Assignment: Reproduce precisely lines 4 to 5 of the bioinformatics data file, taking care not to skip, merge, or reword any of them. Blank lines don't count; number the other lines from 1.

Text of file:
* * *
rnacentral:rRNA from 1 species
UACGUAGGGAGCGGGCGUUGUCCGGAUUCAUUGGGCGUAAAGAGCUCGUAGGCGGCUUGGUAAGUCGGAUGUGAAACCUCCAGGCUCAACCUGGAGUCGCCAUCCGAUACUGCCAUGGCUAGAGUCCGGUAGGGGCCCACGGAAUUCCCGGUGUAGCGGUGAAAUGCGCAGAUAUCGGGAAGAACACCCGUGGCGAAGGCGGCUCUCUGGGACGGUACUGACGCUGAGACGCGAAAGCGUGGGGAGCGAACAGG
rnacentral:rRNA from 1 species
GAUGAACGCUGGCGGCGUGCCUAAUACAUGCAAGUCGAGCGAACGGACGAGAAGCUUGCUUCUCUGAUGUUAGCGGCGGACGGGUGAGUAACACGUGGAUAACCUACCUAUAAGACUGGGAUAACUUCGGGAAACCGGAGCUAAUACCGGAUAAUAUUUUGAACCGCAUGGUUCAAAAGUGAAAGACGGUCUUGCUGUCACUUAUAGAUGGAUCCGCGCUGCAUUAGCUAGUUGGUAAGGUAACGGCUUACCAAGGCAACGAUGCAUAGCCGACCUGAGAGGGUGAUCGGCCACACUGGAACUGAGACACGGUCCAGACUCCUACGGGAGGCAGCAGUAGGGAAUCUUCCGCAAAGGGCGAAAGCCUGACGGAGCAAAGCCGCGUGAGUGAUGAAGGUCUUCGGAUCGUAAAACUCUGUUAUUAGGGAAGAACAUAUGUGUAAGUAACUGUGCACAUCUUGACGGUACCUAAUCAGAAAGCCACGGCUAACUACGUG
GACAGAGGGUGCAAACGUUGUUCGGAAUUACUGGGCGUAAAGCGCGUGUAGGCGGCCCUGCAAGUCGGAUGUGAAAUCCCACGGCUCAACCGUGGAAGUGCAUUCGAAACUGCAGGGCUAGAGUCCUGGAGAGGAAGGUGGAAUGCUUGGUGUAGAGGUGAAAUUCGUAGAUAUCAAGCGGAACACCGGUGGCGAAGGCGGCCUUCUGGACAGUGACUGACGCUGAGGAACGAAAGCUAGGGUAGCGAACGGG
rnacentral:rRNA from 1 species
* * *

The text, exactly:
GAUGAACGCUGGCGGCGUGCCUAAUACAUGCAAGUCGAGCGAACGGACGAGAAGCUUGCUUCUCUGAUGUUAGCGGCGGACGGGUGAGUAACACGUGGAUAACCUACCUAUAAGACUGGGAUAACUUCGGGAAACCGGAGCUAAUACCGGAUAAUAUUUUGAACCGCAUGGUUCAAAAGUGAAAGACGGUCUUGCUGUCACUUAUAGAUGGAUCCGCGCUGCAUUAGCUAGUUGGUAAGGUAACGGCUUACCAAGGCAACGAUGCAUAGCCGACCUGAGAGGGUGAUCGGCCACACUGGAACUGAGACACGGUCCAGACUCCUACGGGAGGCAGCAGUAGGGAAUCUUCCGCAAAGGGCGAAAGCCUGACGGAGCAAAGCCGCGUGAGUGAUGAAGGUCUUCGGAUCGUAAAACUCUGUUAUUAGGGAAGAACAUAUGUGUAAGUAACUGUGCACAUCUUGACGGUACCUAAUCAGAAAGCCACGGCUAACUACGUG
GACAGAGGGUGCAAACGUUGUUCGGAAUUACUGGGCGUAAAGCGCGUGUAGGCGGCCCUGCAAGUCGGAUGUGAAAUCCCACGGCUCAACCGUGGAAGUGCAUUCGAAACUGCAGGGCUAGAGUCCUGGAGAGGAAGGUGGAAUGCUUGGUGUAGAGGUGAAAUUCGUAGAUAUCAAGCGGAACACCGGUGGCGAAGGCGGCCUUCUGGACAGUGACUGACGCUGAGGAACGAAAGCUAGGGUAGCGAACGGG